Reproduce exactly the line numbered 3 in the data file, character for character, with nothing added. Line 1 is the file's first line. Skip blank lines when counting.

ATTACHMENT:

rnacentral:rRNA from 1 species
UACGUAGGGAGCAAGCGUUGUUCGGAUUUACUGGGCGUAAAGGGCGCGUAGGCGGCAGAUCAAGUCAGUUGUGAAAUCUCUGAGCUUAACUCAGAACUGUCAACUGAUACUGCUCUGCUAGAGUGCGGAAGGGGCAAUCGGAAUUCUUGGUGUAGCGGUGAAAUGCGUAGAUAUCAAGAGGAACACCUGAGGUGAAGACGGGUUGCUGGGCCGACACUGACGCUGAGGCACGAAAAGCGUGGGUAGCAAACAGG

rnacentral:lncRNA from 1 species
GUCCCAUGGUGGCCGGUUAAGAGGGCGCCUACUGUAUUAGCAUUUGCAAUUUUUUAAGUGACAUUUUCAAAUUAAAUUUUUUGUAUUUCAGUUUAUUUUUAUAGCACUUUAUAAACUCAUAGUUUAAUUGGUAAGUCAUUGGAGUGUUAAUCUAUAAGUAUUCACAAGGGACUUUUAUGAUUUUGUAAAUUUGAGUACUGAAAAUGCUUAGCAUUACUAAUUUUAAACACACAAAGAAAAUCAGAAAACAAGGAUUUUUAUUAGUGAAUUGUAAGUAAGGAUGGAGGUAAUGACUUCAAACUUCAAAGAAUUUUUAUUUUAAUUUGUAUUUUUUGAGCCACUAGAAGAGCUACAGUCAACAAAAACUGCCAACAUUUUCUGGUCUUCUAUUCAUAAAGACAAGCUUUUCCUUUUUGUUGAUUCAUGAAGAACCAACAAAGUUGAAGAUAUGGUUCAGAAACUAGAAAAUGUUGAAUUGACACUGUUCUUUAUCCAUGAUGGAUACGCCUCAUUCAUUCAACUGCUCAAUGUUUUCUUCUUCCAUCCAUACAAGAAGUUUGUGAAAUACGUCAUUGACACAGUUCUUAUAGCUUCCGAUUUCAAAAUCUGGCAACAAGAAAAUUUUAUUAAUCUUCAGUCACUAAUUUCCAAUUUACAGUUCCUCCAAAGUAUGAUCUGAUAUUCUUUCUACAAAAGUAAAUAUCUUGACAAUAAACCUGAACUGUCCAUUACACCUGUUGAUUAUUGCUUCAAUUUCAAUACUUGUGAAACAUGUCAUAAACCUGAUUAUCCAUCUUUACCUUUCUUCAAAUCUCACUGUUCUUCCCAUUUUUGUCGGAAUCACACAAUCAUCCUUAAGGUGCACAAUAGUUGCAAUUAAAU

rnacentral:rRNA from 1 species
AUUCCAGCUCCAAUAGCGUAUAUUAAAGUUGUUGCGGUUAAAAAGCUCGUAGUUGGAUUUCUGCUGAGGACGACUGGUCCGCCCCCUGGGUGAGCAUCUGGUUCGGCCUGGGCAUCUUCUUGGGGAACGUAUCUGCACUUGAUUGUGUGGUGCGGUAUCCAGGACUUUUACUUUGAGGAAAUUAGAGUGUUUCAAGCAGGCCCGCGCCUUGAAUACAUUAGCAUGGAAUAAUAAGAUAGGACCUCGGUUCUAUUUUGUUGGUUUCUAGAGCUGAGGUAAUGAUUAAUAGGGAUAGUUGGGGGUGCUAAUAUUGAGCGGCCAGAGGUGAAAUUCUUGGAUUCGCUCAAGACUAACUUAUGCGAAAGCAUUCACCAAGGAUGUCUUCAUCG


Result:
rnacentral:lncRNA from 1 species